Analyzing Compiled Material "On the Fly"



27 June 2014

You have accumulated a body of "findings" about an issue you are investigating—or you have received one from another researcher. Have you streamlined a process for analyzing that material to identify its weaknesses, warts, and opportunities?  Here's one that may help:

  1. Read each statement thoughtfully—each sentence or paragraph.
  2. Appraise the source of that statement—assuming that a source has been provided, of course. (If it hasn't, its absence can speak to reliability as well.)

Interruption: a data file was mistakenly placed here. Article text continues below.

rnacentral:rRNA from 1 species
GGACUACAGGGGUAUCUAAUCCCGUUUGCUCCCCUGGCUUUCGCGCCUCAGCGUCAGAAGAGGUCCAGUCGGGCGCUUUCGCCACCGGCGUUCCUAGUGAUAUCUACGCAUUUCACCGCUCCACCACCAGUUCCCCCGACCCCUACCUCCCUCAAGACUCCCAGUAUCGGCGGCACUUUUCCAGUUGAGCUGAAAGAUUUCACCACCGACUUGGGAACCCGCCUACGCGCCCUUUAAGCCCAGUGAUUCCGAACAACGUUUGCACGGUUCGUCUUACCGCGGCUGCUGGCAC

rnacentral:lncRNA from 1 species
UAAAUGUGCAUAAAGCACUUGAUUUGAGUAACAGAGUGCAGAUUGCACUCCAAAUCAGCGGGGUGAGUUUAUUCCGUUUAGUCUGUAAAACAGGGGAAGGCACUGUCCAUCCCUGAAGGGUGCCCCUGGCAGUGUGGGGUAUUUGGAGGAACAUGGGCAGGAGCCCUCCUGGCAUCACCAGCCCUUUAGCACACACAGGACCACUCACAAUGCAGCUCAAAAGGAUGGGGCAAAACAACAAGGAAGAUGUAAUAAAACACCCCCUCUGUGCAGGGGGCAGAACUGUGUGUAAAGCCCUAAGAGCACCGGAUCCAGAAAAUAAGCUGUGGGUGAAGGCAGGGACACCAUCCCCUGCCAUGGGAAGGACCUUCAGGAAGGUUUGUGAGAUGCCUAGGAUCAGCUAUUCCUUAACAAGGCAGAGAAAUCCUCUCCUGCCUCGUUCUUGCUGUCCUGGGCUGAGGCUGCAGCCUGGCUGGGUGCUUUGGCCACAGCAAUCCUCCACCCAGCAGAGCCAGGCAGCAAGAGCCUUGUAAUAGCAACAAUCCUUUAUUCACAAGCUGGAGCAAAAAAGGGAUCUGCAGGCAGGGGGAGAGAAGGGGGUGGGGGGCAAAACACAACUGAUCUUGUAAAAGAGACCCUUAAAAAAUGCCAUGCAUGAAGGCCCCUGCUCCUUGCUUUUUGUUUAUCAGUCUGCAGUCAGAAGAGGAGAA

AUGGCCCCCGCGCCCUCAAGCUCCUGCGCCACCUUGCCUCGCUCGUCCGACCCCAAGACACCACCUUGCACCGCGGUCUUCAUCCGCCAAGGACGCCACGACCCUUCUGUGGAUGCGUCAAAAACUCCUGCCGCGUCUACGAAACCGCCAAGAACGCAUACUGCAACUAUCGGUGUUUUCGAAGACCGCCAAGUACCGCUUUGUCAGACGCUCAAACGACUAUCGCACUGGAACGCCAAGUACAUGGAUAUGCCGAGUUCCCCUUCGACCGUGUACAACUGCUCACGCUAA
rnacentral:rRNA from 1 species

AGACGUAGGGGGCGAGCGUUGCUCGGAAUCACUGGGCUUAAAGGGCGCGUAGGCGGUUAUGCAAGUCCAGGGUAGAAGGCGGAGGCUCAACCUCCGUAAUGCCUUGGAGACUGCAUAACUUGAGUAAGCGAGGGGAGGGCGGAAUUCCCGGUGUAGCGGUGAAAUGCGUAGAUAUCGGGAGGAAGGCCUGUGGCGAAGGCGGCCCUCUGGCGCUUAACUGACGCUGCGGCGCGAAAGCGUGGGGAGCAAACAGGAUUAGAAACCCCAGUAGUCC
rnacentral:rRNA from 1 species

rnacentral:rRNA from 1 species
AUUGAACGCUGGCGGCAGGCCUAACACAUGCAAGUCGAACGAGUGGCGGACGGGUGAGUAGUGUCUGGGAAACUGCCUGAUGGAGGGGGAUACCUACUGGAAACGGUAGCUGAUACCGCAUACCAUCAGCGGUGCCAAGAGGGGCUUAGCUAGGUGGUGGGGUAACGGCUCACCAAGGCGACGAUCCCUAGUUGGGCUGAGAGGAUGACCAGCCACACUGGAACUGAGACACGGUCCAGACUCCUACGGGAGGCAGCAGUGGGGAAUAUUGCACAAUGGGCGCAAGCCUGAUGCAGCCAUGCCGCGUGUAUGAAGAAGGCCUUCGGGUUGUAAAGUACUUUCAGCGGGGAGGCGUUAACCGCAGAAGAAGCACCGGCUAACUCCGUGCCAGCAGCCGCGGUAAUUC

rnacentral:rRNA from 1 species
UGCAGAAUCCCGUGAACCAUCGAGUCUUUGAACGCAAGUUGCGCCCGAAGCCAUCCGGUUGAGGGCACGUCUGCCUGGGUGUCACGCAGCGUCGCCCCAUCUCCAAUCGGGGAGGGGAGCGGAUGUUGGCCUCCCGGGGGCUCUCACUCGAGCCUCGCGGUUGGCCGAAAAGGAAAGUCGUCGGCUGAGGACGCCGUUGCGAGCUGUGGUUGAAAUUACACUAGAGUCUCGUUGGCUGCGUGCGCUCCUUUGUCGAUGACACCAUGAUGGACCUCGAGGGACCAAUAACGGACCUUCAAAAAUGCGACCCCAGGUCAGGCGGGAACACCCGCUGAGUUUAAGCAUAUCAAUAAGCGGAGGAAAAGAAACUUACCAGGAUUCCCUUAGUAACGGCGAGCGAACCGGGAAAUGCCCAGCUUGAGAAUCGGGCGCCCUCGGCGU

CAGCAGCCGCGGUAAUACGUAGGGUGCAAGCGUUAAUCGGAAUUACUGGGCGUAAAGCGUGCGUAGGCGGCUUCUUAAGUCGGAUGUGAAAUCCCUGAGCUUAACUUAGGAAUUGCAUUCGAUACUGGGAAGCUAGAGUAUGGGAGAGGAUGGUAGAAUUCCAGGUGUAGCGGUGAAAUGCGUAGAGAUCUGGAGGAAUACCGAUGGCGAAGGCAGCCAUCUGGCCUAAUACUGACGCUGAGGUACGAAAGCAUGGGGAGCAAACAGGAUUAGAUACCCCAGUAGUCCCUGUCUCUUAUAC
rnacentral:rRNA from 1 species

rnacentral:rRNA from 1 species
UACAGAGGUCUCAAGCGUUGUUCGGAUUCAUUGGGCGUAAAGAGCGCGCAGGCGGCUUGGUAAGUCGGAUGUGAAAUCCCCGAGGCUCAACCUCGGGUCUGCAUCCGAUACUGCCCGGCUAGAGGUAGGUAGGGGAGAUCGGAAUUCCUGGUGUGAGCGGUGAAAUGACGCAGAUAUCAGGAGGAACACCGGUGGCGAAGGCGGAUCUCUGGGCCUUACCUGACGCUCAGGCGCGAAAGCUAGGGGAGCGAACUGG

3. Appraise the provenance and plausibility of the information given in the source.
  4. Note weaknesses in the interpretations and conclusions that have been drawn from the information.
  5. List the associates involved in each document or event.
  6. Itemize the resource or methodological possibilities that each of the above presents for exploring the problem further.

You'll find many other helpful suggestions in EE's QuickSheet: The Historical Biographer's Guide to Individual Problem Analysis—A Strategic Plan.